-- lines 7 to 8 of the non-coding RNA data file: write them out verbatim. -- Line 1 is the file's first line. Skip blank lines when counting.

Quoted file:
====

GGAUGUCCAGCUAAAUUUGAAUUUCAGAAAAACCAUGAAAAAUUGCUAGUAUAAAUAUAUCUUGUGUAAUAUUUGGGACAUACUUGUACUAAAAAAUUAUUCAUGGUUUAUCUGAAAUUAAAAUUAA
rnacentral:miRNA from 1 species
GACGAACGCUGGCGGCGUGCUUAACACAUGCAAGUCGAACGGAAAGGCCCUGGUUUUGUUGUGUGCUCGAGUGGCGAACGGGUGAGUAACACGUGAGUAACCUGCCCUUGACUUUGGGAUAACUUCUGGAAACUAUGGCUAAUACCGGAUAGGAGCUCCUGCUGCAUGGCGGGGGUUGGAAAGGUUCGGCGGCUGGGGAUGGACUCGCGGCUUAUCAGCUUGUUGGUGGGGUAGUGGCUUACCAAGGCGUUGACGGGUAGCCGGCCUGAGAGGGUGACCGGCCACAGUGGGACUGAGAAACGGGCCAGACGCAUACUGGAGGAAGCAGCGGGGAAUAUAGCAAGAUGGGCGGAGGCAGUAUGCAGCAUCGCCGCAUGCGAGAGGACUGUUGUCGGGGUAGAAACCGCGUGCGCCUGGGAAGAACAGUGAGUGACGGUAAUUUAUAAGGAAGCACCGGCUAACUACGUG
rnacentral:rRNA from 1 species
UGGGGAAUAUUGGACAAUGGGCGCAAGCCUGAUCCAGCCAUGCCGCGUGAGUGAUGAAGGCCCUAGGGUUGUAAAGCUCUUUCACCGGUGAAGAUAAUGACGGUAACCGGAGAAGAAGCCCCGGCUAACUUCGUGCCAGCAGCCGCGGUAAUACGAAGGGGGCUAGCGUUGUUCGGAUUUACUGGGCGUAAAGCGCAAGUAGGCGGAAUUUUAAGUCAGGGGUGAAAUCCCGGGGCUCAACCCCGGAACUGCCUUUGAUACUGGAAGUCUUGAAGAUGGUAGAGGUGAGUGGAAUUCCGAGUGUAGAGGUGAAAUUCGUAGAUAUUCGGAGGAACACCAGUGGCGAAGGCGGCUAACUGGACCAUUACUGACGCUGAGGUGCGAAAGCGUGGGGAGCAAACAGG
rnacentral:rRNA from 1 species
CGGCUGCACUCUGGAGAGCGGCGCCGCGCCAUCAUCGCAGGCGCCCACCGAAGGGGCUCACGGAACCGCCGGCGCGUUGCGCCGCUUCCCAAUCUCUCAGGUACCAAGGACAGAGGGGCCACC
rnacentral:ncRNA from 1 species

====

CGGCUGCACUCUGGAGAGCGGCGCCGCGCCAUCAUCGCAGGCGCCCACCGAAGGGGCUCACGGAACCGCCGGCGCGUUGCGCCGCUUCCCAAUCUCUCAGGUACCAAGGACAGAGGGGCCACC
rnacentral:ncRNA from 1 species